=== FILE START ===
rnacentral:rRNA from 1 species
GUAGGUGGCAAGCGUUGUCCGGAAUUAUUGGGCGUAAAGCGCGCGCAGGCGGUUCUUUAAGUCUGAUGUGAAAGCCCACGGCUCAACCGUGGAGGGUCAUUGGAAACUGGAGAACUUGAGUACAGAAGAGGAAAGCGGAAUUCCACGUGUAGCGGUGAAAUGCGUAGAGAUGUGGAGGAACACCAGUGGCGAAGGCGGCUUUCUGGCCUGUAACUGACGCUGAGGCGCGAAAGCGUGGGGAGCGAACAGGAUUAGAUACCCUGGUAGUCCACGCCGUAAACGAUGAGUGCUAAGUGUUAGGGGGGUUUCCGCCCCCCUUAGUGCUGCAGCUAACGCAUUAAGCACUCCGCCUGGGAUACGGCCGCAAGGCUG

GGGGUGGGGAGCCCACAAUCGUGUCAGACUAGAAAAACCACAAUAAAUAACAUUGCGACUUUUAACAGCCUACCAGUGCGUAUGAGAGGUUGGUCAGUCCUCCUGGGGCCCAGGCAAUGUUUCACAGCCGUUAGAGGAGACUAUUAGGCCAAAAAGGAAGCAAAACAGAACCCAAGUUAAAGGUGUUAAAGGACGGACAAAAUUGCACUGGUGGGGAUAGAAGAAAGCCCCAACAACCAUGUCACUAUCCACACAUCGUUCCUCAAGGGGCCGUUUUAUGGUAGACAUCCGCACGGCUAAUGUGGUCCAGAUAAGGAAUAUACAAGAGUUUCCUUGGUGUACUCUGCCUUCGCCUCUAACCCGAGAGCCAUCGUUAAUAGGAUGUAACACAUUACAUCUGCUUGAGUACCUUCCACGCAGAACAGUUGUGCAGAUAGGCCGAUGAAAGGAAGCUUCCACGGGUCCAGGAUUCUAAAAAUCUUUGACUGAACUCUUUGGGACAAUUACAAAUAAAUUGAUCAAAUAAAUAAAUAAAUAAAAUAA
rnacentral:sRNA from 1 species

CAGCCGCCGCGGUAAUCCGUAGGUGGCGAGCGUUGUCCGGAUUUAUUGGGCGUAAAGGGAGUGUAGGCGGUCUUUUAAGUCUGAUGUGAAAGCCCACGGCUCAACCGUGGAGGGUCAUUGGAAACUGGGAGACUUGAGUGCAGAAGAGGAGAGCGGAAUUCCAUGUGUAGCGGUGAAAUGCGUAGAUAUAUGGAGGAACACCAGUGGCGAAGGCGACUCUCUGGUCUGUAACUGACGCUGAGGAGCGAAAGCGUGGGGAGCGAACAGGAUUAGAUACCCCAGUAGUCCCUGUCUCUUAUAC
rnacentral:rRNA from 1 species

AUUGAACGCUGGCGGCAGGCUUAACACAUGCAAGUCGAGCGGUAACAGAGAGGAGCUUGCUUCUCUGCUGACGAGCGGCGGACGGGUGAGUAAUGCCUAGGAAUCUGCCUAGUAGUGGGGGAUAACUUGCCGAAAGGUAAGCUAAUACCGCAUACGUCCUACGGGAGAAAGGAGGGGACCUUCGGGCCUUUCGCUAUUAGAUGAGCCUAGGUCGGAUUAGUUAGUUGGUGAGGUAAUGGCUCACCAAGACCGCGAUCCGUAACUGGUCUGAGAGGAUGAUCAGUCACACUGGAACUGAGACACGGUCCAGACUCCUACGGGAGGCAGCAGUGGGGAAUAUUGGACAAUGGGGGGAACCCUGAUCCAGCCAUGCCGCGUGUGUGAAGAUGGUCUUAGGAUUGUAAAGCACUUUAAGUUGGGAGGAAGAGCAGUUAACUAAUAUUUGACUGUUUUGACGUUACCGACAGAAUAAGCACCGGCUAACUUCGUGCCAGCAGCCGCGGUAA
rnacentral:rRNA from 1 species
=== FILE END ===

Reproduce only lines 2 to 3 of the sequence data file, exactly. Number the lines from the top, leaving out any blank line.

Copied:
GUAGGUGGCAAGCGUUGUCCGGAAUUAUUGGGCGUAAAGCGCGCGCAGGCGGUUCUUUAAGUCUGAUGUGAAAGCCCACGGCUCAACCGUGGAGGGUCAUUGGAAACUGGAGAACUUGAGUACAGAAGAGGAAAGCGGAAUUCCACGUGUAGCGGUGAAAUGCGUAGAGAUGUGGAGGAACACCAGUGGCGAAGGCGGCUUUCUGGCCUGUAACUGACGCUGAGGCGCGAAAGCGUGGGGAGCGAACAGGAUUAGAUACCCUGGUAGUCCACGCCGUAAACGAUGAGUGCUAAGUGUUAGGGGGGUUUCCGCCCCCCUUAGUGCUGCAGCUAACGCAUUAAGCACUCCGCCUGGGAUACGGCCGCAAGGCUG

GGGGUGGGGAGCCCACAAUCGUGUCAGACUAGAAAAACCACAAUAAAUAACAUUGCGACUUUUAACAGCCUACCAGUGCGUAUGAGAGGUUGGUCAGUCCUCCUGGGGCCCAGGCAAUGUUUCACAGCCGUUAGAGGAGACUAUUAGGCCAAAAAGGAAGCAAAACAGAACCCAAGUUAAAGGUGUUAAAGGACGGACAAAAUUGCACUGGUGGGGAUAGAAGAAAGCCCCAACAACCAUGUCACUAUCCACACAUCGUUCCUCAAGGGGCCGUUUUAUGGUAGACAUCCGCACGGCUAAUGUGGUCCAGAUAAGGAAUAUACAAGAGUUUCCUUGGUGUACUCUGCCUUCGCCUCUAACCCGAGAGCCAUCGUUAAUAGGAUGUAACACAUUACAUCUGCUUGAGUACCUUCCACGCAGAACAGUUGUGCAGAUAGGCCGAUGAAAGGAAGCUUCCACGGGUCCAGGAUUCUAAAAAUCUUUGACUGAACUCUUUGGGACAAUUACAAAUAAAUUGAUCAAAUAAAUAAAUAAAUAAAAUAA